RA-BEAM (N = 1305) was a randomized, double-blind, double-dummy, placebo- and active-controlled, parallel-arm, 52-week study designed to assess improvements in disease activity, structural preservation, and PROs including physical function, safety, and tolerability with oral baricitinib 4-mg once daily in patients with RA who had inadequate responses to methotrexate. Full details regarding the primary efficacy and safety outcomes of this study have been reported previously . Briefly, patients were aged ≥18 years with active RA (≥6/68 tender and ≥6/66 swollen joints; serum high-sensitivity C-reactive protein [hsCRP] ≥6 mg/L). Comparisons were made to placebo and to adalimumab, a tumor necrosis factor (TNF)-α inhibitor and a standard-of-care biologic disease-modifying antirheumatic drug (DMARD) in this setting.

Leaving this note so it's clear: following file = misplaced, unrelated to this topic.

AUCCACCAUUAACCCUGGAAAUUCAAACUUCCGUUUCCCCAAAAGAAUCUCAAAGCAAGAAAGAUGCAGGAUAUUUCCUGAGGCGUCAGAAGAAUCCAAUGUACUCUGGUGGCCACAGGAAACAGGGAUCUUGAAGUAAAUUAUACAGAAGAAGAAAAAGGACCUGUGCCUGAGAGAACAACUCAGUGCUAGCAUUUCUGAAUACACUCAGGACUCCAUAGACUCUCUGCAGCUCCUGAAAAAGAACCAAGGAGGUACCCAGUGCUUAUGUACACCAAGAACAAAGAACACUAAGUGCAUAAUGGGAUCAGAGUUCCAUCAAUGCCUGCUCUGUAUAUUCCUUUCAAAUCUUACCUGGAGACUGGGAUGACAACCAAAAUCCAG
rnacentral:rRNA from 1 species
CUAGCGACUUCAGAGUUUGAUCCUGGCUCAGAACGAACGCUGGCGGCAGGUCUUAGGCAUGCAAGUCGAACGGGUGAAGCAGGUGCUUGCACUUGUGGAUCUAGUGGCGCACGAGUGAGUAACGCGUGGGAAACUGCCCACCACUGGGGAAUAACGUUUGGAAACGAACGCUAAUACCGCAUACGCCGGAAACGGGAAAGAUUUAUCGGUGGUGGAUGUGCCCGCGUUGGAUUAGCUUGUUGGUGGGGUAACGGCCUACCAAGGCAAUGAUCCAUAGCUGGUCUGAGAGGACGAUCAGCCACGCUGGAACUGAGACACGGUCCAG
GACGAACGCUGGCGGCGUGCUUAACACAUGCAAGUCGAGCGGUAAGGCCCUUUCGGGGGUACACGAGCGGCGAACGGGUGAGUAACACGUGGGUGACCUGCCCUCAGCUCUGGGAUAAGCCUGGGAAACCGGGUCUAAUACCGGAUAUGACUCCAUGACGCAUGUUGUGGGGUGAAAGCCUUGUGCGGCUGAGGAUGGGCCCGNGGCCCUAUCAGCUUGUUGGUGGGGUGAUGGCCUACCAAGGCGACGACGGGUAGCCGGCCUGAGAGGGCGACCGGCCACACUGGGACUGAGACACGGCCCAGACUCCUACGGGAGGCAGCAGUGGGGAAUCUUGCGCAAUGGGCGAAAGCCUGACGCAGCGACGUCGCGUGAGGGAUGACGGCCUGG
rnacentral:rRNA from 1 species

RA-BUILD (N = 684) was a randomized, double-blind, placebo-controlled, parallel-group 24-week study designed to assess improvements in disease activity, structural preservation, and PROs including physical function, safety, and, tolerability with oral baricitinib 2-mg and 4-mg once daily in patients with RA who were refractory to or intolerant of conventional synthetic DMARDs (csDMARDs). Full details regarding the primary efficacy and safety outcomes of this study have been reported previously . Briefly, patients were aged ≥18 years with active rheumatoid arthritis (≥6/68 tender and ≥6/66 swollen joints; hsCRP ≥3.6 mg/L [upper limit of normal 3.0 mg/L]) and an insufficient response (despite prior therapy) or intolerance to ≥1 csDMARDs. Comparisons were made to placebo.